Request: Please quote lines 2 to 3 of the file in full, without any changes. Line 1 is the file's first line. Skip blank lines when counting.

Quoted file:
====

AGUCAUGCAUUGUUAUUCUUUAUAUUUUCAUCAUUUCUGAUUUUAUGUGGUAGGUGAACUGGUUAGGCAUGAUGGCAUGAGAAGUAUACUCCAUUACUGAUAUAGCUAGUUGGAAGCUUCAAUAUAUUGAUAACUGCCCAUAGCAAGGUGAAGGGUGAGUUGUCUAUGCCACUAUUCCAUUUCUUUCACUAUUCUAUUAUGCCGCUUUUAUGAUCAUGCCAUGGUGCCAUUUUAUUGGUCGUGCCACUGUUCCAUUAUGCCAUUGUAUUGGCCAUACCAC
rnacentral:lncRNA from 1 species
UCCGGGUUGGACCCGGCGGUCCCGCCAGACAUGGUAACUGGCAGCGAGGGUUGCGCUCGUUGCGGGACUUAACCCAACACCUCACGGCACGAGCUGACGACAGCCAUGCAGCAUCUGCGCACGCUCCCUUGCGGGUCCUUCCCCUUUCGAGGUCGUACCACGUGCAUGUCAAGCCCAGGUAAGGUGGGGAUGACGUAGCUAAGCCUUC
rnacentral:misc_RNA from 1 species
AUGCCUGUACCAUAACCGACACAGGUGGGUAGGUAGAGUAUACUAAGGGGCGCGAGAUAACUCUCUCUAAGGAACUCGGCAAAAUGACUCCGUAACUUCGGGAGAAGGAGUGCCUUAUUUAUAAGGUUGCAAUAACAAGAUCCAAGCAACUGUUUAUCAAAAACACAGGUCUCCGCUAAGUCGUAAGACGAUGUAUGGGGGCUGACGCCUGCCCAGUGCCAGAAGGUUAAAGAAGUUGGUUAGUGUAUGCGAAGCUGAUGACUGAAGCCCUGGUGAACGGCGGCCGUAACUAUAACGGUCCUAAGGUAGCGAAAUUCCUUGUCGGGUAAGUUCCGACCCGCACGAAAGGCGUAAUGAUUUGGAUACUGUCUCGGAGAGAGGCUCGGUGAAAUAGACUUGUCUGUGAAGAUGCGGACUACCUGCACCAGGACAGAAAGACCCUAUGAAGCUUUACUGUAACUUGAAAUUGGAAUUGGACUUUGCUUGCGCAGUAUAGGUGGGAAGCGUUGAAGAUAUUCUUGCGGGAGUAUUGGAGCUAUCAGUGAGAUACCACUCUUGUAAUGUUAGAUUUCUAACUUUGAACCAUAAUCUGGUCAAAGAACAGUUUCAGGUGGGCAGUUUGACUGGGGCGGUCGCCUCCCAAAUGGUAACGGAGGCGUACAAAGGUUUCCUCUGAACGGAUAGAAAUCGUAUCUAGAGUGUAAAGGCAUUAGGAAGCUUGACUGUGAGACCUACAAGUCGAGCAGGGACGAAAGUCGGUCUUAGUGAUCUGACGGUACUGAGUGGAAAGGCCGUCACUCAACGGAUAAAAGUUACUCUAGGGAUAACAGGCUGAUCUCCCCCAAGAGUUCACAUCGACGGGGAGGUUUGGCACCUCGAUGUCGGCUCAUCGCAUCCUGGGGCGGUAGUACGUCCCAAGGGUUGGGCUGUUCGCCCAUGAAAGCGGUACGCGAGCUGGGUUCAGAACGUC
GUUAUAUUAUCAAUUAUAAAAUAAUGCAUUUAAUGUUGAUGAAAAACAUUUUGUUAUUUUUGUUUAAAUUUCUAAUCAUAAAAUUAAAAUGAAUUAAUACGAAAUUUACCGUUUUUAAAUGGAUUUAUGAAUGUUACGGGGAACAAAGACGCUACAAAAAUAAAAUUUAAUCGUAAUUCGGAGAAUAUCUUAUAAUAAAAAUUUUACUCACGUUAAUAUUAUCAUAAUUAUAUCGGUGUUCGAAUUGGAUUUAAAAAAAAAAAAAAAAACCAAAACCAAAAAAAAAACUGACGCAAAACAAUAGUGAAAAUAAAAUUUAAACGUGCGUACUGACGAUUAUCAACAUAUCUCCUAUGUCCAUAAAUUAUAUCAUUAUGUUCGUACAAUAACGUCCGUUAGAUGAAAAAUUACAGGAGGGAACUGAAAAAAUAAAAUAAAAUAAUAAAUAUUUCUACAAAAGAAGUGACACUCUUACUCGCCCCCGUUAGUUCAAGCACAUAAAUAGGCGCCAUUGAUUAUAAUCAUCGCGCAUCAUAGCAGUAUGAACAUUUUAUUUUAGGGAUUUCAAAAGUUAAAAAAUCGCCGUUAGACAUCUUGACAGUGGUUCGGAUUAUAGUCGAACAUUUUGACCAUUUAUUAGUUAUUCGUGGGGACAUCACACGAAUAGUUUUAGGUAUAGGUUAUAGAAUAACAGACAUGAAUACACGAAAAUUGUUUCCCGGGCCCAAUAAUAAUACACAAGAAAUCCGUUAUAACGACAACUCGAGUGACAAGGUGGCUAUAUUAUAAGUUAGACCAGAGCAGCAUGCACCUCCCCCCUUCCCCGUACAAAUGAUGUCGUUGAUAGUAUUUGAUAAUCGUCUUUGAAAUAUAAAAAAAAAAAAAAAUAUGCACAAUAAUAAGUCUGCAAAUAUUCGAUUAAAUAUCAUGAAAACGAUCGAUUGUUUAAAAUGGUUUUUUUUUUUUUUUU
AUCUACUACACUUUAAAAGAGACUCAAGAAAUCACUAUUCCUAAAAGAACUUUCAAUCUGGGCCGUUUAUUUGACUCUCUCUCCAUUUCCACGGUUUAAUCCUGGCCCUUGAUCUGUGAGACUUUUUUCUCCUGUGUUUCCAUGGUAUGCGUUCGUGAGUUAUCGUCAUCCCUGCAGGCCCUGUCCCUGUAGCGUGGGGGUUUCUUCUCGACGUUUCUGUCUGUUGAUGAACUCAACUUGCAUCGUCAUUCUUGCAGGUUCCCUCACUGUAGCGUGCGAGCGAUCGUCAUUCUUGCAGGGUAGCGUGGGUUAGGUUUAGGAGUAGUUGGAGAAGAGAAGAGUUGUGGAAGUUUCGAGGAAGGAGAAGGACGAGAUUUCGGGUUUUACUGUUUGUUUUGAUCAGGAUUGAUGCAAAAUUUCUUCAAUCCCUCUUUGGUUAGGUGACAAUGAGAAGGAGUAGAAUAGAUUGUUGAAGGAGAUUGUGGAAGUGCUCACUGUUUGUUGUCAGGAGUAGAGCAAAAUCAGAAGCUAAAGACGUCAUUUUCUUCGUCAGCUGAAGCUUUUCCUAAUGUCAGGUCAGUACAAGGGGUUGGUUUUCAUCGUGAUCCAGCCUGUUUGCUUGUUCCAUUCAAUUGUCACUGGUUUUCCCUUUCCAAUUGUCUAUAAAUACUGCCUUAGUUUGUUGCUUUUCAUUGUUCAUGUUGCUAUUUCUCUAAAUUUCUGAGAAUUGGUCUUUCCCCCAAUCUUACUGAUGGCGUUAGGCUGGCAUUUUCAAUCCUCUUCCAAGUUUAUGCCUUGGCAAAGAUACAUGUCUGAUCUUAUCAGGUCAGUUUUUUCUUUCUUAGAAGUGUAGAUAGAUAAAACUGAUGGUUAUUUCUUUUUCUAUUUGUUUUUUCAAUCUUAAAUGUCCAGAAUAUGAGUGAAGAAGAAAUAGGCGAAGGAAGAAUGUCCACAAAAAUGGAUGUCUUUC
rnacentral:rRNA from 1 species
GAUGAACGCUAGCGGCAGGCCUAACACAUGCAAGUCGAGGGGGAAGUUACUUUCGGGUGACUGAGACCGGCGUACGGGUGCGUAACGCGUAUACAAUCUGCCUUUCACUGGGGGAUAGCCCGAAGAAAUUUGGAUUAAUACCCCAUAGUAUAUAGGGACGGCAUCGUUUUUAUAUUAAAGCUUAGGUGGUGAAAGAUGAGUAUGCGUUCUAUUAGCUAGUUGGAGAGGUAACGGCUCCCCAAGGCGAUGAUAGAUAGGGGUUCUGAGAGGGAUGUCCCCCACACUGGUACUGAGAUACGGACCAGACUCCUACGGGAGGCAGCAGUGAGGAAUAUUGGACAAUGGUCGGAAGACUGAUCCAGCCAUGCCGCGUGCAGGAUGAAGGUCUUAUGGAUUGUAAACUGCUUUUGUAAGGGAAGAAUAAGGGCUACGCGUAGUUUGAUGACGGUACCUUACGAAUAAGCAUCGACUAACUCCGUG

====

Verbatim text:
rnacentral:lncRNA from 1 species
UCCGGGUUGGACCCGGCGGUCCCGCCAGACAUGGUAACUGGCAGCGAGGGUUGCGCUCGUUGCGGGACUUAACCCAACACCUCACGGCACGAGCUGACGACAGCCAUGCAGCAUCUGCGCACGCUCCCUUGCGGGUCCUUCCCCUUUCGAGGUCGUACCACGUGCAUGUCAAGCCCAGGUAAGGUGGGGAUGACGUAGCUAAGCCUUC